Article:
• I don’t personally think you need to bother ageing your egg whites unless they are stupendously fresh to start with – perhaps you have your own chickens or something, who knows – but I do always make sure mine are room temperature.
  • I am not awesome at piping, and so my personal preference is to line my baking sheets with disposable parchment and, using a cookie cutter, draw circles onto it in black Sharpie as a guide, then flip it over ready to be piped on to. You can also buy templates that are already on silicone mats (which I should do but I am cheap) or print them off the internet, or just pipe freestyle if you are confident. You want to end up with something like this.


for the shells

200g white caster sugar
75ml hot water (from a hot tap is fine, but boil a kettle if you like)
200g icing sugar
100g ground almonds
100g pistachios
160g egg whites (divided into two bowls of 80g each)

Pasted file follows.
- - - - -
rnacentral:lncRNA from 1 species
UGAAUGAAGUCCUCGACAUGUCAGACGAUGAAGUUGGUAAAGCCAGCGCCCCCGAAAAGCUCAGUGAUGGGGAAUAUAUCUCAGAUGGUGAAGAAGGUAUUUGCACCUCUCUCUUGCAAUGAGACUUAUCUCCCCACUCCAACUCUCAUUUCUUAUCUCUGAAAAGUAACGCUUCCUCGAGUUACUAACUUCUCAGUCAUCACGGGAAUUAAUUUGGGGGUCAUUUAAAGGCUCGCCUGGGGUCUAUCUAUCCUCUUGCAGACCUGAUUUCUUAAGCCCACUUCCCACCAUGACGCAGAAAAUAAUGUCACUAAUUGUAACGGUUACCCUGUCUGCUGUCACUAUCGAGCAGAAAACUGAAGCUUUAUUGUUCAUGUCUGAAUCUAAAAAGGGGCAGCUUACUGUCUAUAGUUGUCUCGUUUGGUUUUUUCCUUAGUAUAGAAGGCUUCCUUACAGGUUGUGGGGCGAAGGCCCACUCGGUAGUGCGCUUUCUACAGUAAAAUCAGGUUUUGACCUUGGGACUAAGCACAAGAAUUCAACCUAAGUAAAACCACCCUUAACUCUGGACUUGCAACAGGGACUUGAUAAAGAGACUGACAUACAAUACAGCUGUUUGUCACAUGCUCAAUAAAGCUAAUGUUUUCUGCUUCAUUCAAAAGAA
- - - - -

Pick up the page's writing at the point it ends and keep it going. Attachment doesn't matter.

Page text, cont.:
Pinch of salt

for the apricot filling

apricot leather – I lazily bought mine, but you can make it, or substitute a thick apricot gel or jam, or flavour buttercream with apricot jam, or use something else entirely. I can’t tell you how to live your life.


  1. Get out three baking sheets and line them with parchment (or silicone), and create a template if you need one. Pop your water and caster sugar in a saucepan, stir it gently together with a wooden spoon, and put the pan on a low heat to dissolve the sugar (starting with hot water speeds this up). While that’s happening, pop your pistachios with 2 tbsp of the icing sugar in a food processor and blitz for about 2 minutes, or until you have a very fine pistachio flour. Add the rest of the icing sugar and the ground almonds, then blitz again for 1 minute. Scrape the sides down, then blitz for an additional minute. Pass the sugar and nut powder through a sieve into a large bowl. You might be left with some chunkier nut mixture in the sieve. Don’t force it through – you want smooth macarons – but save it to sprinkle over the top of the shells once baked, if you like.